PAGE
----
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We are seeking a diverse array of interested writers and reviewers interested in all kinds of comics.  If you’ve applied in the past, please apply again with your updated information and experience.

Please send in your application by Sunday, April 21 at midnight PST.

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Reviewer Expectations

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Ask yourself

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        Comics for Kids: Summertime

        Introduction

        School’s out for the summer! Dive into these kids graphic novels featuring summer camps, mysteries, and neighborhood hijinks.

        Be Prepared

        Vera Brosgol

        Cover Image

        Vera doesn't need to look very hard to see all the reasons that she doesn't fit in. Her single mom doesn't have the money to buy her trendy dolls or clothes that her friends have, she has to cram all of the girls into her small room when she has sleepovers, and all the other girls from school go away to camp every summer, something else her mom can't afford. When Vera hears about a Russian camp at her church, one that the church will help them pay for, she thinks this is her ticket to having something in common with the girls she goes to school with. But Russian camp is not like the summer camps she had heard about from her peers. At Russian camp you speak Russian, learn about Russian history, practice survival skills, stay up throughout the night defending the camp from invaders (the boys' camp), and there is no indoor plumbing. But over the course of the summer, Vera learns a lot about herself and how to make meaningful friendships.

        Appeals to

        Readers of Svetlana Chmakova and Raina Telgemeier will love this summery slice-of-life story.

        Creator Identities:

        Russian-American |

        Main Character Identities:

        Russian-American |

        Recommended by

        Tayla Cardillo

        Camp

        Kayla Miller

        Cover Image

        When Olive and her friend Willow go to sleepaway camp, Olive eagerly throws herself into making friends and the camp activities. Willow, however, struggles to fit in with the new campers and clings to Olive, who soon becomes resentful. Can their friendship survive camp?

        Appeals to

        Readers who like the realistic friendships and colorful art in Roller Girl will enjoy Camp and the other Olive books.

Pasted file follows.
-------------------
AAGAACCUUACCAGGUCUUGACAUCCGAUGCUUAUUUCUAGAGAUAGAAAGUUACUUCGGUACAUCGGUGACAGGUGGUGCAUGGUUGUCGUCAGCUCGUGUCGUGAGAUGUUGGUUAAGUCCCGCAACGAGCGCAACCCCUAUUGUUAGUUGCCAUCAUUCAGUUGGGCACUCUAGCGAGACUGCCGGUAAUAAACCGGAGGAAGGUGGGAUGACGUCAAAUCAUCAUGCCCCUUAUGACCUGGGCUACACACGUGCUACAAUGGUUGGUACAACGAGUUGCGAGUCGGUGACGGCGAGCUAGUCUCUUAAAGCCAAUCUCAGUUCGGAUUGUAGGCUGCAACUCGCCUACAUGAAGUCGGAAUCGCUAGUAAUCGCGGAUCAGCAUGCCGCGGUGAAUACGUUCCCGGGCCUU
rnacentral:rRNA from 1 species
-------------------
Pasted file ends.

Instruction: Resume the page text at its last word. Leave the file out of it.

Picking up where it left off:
Recommended by

        Megan Rupe

        Long Distance

        Whitney Gardner

        Cover Image

        Not only is Vega dealing with moving from Oregon to Washington and thus leaving her best friend behind, but now her best friend stops talking to her. And to make matters worse, Vega's dads decides that signing her up for summer camp is the best way to get her to make friends. All of Vega's fears seem to come true as things at the camp get weirder and weirder, but when it turns out the answer actually is that it's aliens the adventure kicks off. By the end of it all, Vega not only saves her campmates but also makes a new group of friends.

        Appeals to

        Long Distance's mix of science fact and fiction is a great choice for readers that like a little fantasy in their fiction, as seen in comics like Jukebox or Living with Viola. There are so many comics that are either heavily fantasy/sci-fi or very set in the real world, it can be hard to find recommendations for kids that want something in-between. I also love that we see Vega's parents in the comic as actual presences with their own worries and struggles, even if that's only on the fringes of the story.

        Recommended by

        Shannan Prukop

        Shark Summer

        Ira Marcks

        Cover Image

        Gayle's got enough on her plate with an injured arm, possibly ruined baseball career, and her mom trying to open an ice cream business, so the last thing she wants to deal with is a movie crew coming to town and taking things over. But newcomer to town Elijah's enthusiasm and curiosity, plus the prize money for a movie-making competition, pulls Gayle out and learning about Martha's Vineyard's myth of the phantom shark. This leads the two to Maddie, and this unlikely trio learns to trust each other over the summer while making their film. Besides, it's all just stories, there can't be a real ghost, right?

        Appeals to

        There's horror, there's discussions of film-making, there's local history: this comic's got a little bit of everything. Of course, it is also very much referencing the movie Jaws, so if for some reason there's a middle-grade reader out there who loves that franchise this will be a hit. But the search for the truth brings to mind comics like The Leak, and the supernatural elements can appeal to readers of comics like The Aquanaut. Also worth noting: there is a deaf side character in the adult cast, with signing on page. He's only in one scene, but it was exciting to see nonetheless.

        Content Notes

        Some fake blood, fake severed limbs, and sharks.

        Recommended by

        Shannan Prukop

        Shirley & Jamila Save Their Summer

        Gillian Goerz

        Cover Image

        Jamila Waheed agrees to hang out with Shirley Bones so that she can go to the local basketball court instead of science camp. However, she soon finds herself intrigued by the fact that several neighborhood kids visit Shirley for help with various issues, and her eccentric acquaintance (friend?) has a knack for resolving them. When Oliver asks for help finding his missing gecko, Shirley and Jamila find themselves with an exciting mystery that will test their dynamic.

        Appeals to